My husband Tim, is very good at “in-field” operations and more importantly, he enjoys it. Along with our working man Matt, I have great confidence that my “in-field” contribution as a chauffeur and occasional stock shifter are more than adequate. So how do I consider myself a grain farmer if I’m not that active in the paddock?

Here is a list of my contribution and you can decide for yourself.
1. Staff, payroll and safety inductions
2. Grain sales program
3. Harvest logistics
4. Record keeping
5. ATO compliance
6. Mother, cook, gopher, lawn mower, mediator, nurse, school project consultant etc.

With a background in grain accumulation for large companies such as Cargill and GrainCorp I bring certain contract knowledge and market insight skills. My husband and I decided a long time ago (possibly after I mis-raked some hay) that we should work to our strengths in our farm business. So with assistance from our brokers at Rural Directions I usually start our sales program well before harvest, look for cash opportunities during harvest and then finish with post-harvest direct delivery sales with crop we decide to store onfarm.

To give this some perspective, I’ll share last year’s harvest sales program and subsequent logistics. Forward multi-grade sales were made for wheat and barley. This differed from previous years which would usually also include canola. However, with a dry cropping start, low rainfall through winter and no rainfall for spring, the canola crop struggled all year. So I sold a small proportion of canola for cash at harvest and stored the rest onfarm. Lentils were 100% sold at harvest. Some further cash sales of wheat and barley were made and the remainder used to fill onfarm storage. We grow vetch for hay and 100% of this was cut, baled and also stored on farm, mostly under cover.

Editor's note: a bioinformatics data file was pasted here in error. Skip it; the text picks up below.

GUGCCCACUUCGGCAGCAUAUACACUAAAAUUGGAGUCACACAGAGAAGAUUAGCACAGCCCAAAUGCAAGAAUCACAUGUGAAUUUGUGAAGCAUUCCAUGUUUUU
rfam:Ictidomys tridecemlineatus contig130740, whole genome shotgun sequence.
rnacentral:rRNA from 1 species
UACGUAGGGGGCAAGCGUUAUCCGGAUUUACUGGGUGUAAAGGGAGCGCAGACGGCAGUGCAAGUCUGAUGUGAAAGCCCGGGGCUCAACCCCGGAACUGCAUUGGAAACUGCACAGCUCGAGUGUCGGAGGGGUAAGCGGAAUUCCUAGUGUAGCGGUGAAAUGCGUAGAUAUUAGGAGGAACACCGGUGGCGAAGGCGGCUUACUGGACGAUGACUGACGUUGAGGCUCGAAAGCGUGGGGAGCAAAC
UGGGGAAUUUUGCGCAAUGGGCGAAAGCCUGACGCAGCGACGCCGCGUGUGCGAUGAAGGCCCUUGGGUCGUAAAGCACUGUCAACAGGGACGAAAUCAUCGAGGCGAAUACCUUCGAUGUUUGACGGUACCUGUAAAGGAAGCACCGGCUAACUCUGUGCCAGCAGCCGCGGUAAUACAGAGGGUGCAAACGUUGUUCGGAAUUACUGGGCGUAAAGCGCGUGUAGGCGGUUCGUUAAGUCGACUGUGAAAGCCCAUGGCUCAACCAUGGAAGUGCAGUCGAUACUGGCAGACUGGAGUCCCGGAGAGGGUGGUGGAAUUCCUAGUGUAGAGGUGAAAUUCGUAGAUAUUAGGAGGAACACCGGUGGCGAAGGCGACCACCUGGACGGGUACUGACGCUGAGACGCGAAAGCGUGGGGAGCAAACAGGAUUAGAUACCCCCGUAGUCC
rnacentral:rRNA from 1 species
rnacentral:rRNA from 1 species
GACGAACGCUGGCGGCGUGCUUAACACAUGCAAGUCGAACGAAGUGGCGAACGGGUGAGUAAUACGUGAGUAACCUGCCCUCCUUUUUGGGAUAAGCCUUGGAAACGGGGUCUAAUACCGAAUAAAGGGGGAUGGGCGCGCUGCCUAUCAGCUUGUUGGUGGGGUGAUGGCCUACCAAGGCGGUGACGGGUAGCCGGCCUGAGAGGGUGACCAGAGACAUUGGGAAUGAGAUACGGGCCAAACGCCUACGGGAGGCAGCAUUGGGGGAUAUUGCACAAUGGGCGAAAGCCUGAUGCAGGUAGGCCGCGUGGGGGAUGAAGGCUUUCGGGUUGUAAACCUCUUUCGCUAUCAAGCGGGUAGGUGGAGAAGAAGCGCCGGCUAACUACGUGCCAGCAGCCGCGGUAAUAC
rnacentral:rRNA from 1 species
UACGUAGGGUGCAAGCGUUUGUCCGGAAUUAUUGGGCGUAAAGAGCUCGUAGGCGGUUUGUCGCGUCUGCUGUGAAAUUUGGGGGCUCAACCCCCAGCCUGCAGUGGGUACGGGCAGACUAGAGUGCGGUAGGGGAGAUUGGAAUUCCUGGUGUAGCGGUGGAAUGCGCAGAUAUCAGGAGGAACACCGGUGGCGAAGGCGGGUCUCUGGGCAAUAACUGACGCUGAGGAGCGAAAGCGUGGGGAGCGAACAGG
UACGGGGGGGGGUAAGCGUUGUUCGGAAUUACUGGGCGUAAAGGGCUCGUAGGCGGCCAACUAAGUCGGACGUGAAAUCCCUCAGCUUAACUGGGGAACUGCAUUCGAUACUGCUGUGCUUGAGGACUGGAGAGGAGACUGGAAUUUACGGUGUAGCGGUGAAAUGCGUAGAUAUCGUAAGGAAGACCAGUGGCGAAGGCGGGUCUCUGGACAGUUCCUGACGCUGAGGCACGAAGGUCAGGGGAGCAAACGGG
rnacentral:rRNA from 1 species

There is money in the margins, so I require the right quality matches the right contract spreads at the right delivery location. So this might sound easy enough but let me go through our local delivery options. Firstly, we have GrainCorp and a private store (Wilken Storages) near town, 2 GrainFlow sites (one North, one South) each about 60km away and at least 6 packer/processor pulse buyers within 100km radius. We also use our own on farm storage. So I required ASW wheat at GrainCorp and any other grades at Wilken Storages. I required specific volumes of lentils to go to PeaCo Donald and Wimpak Minyip respectively. I required a set volume of feed 1 barley only at GrainCorp to fill contract commitments and any excess or other grades to Wilken Storages. Our exfarm sales have been delivered to Central Districts, Western Districts, Melbourne and Geelong regions of Victoria.

In the meantime, I run excel spreadsheets documenting every paddock by commodity and then variety. Once harvest starts each load delivered is entered, paddock yields calculated, loads are then allocated to contracts and the contract transfers are executed by my broker. This system gives me confidence that contracts are delivered in full on time with the right quality (or DIFOTQ for those in grain trading!) When we receive our remittance advice for the sales these are cross-referenced on the excel spreadsheet to ensure accurate and timely payments have been received and levies have been deducted. Due to the mixed nature of my sales program payments vary from 5 days for pre harvest contracted grain through to 30days for exfarm sales directly to end-user customers.